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Culinary whiz Nora Carey picked to develop Boston public food market

The woman leading the development of Boston’s public food market has worked on some of the most prestigious culinary events in the world, from the Bocuse d’Or chefs competition in Lyon, France, to the massive Epcot Food & Wine Festival in Orlando.

But Nora Carey says her vision for building a market along the Rose Fitzgerald Kennedy Greenway is based on more personal experiences, such as perusing fresh produce at street markets around France, where she was first inspired to pursue a career in food.

“A market is for everybody and the quality should be impeccable,” said Carey, a Springfield native who studied at La Varenne cooking school in Paris. “We’re looking for nutrition, variety, and freshness. Those are the essential elements of having a good market.”


Carey was hired last month to be executive director of the nonprofit Boston Public Market Association, designated by the state to establish the food market in a vacant building above the MBTA’s Haymarket Station. The market is slated to open in June 2014.

The job will require raising $11 million to develop an attractive market for shoppers and persuading the state’s best food producers to showcase their wares there. ­Directors of the public market ­association said Carey’s experience makes her an ideal person to spearhead the project, which has been more than a decade in the making.

“She has worked for some incredibly demanding individuals and companies and has performed to very high standards,” said Donald Wiest, the association’s president. “We are confident she will bring the attention to detail this project is going to require.”

Most recently, Carey worked as executive director of the Bocuse d’Or USA Foundation, a New York City nonprofit devoted to helping top American chefs prepare for the cooking competition. Based in ­Lyon, France, the Bocuse d’Or is a world championship of sorts for chefs who have five hours to prepare a fish platter and a meat platter from a specified weight and cut, with a minimum of three garnishes on each plate.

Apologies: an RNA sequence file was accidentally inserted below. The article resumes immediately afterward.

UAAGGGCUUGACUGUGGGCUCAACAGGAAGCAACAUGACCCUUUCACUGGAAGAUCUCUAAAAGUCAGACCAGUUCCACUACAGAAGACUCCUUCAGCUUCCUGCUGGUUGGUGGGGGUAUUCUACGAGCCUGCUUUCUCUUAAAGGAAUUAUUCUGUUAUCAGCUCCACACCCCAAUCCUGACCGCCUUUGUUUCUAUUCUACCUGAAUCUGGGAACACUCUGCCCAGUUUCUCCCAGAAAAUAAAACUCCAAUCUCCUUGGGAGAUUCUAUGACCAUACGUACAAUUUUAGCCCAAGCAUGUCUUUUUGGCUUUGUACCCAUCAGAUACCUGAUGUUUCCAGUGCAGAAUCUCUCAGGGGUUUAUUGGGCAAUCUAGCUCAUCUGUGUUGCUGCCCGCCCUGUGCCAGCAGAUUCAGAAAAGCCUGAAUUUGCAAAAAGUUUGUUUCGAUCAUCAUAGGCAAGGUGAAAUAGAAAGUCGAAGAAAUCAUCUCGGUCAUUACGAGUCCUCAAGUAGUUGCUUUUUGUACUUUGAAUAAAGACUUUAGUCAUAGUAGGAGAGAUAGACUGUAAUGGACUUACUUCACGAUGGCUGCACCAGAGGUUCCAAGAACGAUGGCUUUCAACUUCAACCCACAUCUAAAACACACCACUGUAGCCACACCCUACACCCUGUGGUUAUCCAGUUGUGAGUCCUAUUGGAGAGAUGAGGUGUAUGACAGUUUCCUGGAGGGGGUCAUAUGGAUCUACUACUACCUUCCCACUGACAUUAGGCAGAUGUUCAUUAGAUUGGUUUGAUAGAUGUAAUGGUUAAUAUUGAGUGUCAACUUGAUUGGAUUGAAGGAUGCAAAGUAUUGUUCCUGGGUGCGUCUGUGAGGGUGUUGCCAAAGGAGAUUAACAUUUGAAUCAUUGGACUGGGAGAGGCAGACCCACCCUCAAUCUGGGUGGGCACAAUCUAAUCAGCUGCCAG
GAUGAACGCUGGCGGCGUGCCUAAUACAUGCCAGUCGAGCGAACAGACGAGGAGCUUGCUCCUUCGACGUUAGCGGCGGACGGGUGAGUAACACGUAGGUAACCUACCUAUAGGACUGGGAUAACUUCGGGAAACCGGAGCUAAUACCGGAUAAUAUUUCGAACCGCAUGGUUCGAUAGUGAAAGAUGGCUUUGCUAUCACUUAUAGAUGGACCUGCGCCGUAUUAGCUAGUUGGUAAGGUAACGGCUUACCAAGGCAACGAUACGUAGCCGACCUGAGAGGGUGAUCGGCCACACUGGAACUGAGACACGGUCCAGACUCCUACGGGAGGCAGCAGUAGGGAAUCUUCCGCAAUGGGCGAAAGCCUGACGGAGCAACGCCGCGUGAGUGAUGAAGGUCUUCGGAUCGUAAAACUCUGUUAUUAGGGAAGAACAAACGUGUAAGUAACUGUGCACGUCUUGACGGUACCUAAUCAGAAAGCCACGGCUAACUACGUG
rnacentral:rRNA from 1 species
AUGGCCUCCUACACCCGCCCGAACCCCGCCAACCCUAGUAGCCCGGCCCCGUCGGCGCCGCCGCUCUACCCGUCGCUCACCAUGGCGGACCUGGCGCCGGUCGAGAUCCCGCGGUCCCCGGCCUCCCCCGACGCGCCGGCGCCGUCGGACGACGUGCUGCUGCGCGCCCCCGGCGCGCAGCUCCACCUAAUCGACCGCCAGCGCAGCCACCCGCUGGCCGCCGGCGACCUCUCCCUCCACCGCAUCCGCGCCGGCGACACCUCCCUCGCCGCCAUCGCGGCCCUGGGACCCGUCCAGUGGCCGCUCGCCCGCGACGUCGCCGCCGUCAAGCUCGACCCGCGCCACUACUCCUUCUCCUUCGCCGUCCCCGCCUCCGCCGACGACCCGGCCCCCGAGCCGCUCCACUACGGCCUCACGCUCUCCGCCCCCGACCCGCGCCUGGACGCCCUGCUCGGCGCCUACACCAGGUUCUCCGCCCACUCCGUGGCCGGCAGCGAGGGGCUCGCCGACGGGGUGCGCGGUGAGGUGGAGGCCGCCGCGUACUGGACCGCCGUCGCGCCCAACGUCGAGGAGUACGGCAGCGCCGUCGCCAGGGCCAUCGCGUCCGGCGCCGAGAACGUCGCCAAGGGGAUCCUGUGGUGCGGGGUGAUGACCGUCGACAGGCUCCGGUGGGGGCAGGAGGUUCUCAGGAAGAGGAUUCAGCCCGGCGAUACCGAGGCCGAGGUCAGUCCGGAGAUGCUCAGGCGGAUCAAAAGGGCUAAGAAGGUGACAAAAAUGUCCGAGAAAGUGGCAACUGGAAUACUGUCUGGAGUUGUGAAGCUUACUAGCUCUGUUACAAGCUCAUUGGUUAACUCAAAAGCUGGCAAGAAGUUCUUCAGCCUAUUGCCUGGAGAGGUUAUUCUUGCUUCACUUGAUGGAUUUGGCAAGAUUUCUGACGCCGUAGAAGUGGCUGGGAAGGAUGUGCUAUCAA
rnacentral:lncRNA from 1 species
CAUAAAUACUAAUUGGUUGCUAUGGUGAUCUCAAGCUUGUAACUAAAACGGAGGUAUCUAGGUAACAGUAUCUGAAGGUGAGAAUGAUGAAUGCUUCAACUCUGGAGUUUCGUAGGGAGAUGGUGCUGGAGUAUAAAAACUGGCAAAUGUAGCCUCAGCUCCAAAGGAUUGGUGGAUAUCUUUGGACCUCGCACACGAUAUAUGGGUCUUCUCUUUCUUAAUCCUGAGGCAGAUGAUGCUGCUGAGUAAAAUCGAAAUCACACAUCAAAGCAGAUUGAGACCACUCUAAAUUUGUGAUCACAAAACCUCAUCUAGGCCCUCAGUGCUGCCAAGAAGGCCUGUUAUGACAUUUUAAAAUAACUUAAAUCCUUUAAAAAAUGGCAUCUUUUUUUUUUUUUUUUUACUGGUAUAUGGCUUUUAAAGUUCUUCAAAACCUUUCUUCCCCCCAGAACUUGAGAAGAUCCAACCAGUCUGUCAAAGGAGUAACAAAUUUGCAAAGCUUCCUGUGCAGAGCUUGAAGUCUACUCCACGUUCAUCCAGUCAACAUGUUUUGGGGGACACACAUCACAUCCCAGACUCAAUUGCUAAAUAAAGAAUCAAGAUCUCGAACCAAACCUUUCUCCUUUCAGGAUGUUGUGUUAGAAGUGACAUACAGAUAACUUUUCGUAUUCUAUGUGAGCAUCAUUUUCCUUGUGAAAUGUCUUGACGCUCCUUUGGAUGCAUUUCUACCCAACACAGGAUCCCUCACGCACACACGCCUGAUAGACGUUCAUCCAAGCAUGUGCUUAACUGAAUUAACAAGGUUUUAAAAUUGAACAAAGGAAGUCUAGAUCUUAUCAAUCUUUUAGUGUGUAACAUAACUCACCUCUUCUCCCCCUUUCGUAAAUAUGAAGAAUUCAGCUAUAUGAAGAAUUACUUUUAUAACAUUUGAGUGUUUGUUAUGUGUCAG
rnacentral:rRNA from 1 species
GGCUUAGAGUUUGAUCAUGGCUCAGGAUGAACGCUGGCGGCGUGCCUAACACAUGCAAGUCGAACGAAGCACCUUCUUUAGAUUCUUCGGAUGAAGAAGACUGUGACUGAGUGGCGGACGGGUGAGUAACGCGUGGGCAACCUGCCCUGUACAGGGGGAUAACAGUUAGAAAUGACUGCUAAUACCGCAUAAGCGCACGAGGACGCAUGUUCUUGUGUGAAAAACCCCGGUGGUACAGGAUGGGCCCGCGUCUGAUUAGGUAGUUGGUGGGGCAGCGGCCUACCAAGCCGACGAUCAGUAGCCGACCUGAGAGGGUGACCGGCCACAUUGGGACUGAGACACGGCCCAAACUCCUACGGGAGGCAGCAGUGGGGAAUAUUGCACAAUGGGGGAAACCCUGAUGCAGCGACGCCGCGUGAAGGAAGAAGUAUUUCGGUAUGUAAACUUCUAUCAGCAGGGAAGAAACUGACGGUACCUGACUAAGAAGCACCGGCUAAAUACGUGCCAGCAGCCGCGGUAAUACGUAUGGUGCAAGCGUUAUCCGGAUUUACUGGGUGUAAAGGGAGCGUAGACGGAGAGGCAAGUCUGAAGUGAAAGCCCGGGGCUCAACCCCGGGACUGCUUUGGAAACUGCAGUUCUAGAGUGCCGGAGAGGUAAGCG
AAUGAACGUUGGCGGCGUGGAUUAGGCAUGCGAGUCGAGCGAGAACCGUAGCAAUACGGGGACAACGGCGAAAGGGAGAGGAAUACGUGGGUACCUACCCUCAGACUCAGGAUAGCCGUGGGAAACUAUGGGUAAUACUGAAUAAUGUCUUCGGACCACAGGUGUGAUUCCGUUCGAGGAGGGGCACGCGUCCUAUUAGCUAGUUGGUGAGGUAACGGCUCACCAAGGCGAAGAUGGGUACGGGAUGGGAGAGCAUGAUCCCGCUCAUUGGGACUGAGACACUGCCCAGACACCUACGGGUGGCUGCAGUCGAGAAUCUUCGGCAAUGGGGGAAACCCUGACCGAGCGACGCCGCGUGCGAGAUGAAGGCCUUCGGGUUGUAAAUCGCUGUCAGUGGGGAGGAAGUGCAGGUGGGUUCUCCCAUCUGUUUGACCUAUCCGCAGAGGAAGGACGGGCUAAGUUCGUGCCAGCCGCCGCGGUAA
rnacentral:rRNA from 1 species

The United States has sent a representative to every competition since the inaugural event in 1987, but for 20 years it failed to gain a significant ranking among the 26 competing countries. That changed in 2009, when Carey began leading the Bocuse d’Or USA foundation under renowned chefs Thomas Keller, Daniel Boulud, and Jerome Bocuse.

That year, Timothy Hollingsworth from the French Laundry in California’s Napa Valley, placed sixth out of 26 competitors.

Carey, who also spent five years as director of the Epcot International Food & Wine Festival, said establishing the market in Boston is a similar quest to Bocuse d’Or.

“We’re trying to find the best producers,” she said, adding that such an effort doesn’t mean focusing only on established farms and food outlets in Massachusetts.

“This market will be an incubator for promising businesses that will get a start there and hopefully build a larger client base.”

The number and precise mix of vendors has not yet been determined, although the market is expected to feature fresh produce, meats and cheeses, fish caught in Massachusetts ­waters, and a range of specialty food products.

Casey Ross can be reached at